You forgot one. Older mens softball. Haul the meat to the plate and hit homers. Size matters lifting that ball a long way.
                          Tennis? You aren’t winning on just serving aces.
                          Keeping the ball in play. Yep, speed expands your range. I know a 60 year old that pitches for a team of college aged kids. Got some junk and a little speed. This is NOT one of those aspiring prospect leagues. About 5’6.
                          BTW, congrats on your new PR’s. Skills improvement is my guess.
                          Then I have hope. Thanks for sharing and correcting my inferiority complex way of thinking.

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                          • #73
                            Originally posted by burritos View Post

                            Then I have hope. Thanks for sharing and correcting my inferiority complex way of thinking.
                            Hey, a guy 100 years old just ran the 100 meter dash at the Penn Relays.
                            https://olympics.nbcsports.com/2022/...er-wright/amp/
                            World records are starting to seem likely in your future. Try race walking. Weird event, but actually difficult. You will smoke ‘em in the last 100 with your finishing kick.

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                            • #74
                              Originally posted by Lordosis View Post
                              Some light googling has shown me at about 30% of people live to be 90. That seems like a high enough percentage to make me want to prepare for it.

                              ​​​​​
                              I remember reading somewhere that if you make it to 70, your chance of making it to 90 is about 70%. This always stuck with me and makes a lot of sense. Better plan for it.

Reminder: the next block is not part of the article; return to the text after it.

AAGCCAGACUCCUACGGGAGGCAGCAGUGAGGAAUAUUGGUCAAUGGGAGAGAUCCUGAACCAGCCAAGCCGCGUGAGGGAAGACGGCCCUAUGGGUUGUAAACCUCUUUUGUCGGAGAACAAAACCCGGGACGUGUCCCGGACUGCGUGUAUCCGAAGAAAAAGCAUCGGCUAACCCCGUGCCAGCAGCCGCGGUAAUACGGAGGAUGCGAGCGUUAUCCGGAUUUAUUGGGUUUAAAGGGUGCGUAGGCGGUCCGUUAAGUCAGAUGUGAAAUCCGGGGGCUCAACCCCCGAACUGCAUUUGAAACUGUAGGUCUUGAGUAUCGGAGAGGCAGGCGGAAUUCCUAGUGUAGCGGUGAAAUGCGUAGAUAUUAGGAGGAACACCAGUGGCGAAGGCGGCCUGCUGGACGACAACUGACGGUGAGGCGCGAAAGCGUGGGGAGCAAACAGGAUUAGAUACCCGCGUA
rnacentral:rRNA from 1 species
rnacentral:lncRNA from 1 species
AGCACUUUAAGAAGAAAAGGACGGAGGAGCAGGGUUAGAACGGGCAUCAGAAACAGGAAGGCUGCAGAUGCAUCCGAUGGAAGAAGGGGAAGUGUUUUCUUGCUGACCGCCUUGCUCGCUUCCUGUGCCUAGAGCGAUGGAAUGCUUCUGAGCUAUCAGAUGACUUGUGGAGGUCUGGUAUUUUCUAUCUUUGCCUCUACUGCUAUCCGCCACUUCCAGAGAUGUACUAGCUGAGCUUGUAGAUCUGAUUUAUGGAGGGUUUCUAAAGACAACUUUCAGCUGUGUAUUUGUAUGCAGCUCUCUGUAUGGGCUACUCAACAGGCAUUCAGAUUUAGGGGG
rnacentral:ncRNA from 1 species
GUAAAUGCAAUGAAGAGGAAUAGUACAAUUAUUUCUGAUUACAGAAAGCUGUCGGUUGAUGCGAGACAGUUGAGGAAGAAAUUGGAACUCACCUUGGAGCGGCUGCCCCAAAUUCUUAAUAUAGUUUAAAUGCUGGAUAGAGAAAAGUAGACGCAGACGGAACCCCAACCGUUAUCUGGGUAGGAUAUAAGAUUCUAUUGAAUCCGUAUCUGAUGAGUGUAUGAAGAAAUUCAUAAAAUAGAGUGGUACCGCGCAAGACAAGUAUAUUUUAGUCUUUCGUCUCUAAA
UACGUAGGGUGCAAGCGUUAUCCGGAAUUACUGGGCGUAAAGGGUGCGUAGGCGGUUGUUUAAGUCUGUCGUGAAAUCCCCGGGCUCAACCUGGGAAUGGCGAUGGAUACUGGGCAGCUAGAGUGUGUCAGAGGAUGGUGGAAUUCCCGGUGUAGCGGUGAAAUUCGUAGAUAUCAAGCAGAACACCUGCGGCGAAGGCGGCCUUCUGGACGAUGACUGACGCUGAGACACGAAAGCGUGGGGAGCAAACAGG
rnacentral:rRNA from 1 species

I've been practicing in Florida for the past 28 years. The number of healthy, active and vital 90 year old people I know is really remarkable.

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                              • #75
                                Originally posted by Tim View Post

                                Hey, a guy 100 years old just ran the 100 meter dash at the Penn Relays.
                                https://olympics.nbcsports.com/2022/...er-wright/amp/
                                World records are starting to seem likely in your future. Try race walking. Weird event, but actually difficult. You will smoke ‘em in the last 100 with your finishing kick.


                                Without and physicial exam or bloodwork biometrics, based on this 70 year olds ability to do 400 consecutive full ab rollers, do you think he has the same mortality/morbidity risk as your typical 70 year old western male who's LDL is at 100 controlled by a statin and A1C at 5.4% controlled with metformin? I've got 18 more years to go and I'm up to 15. Don't think I'll catch him, but hopefully my 55 y/o self will be able to crush my 52 y/o self.
                                Last edited by burritos; 05-11-2022, 06:33 AM.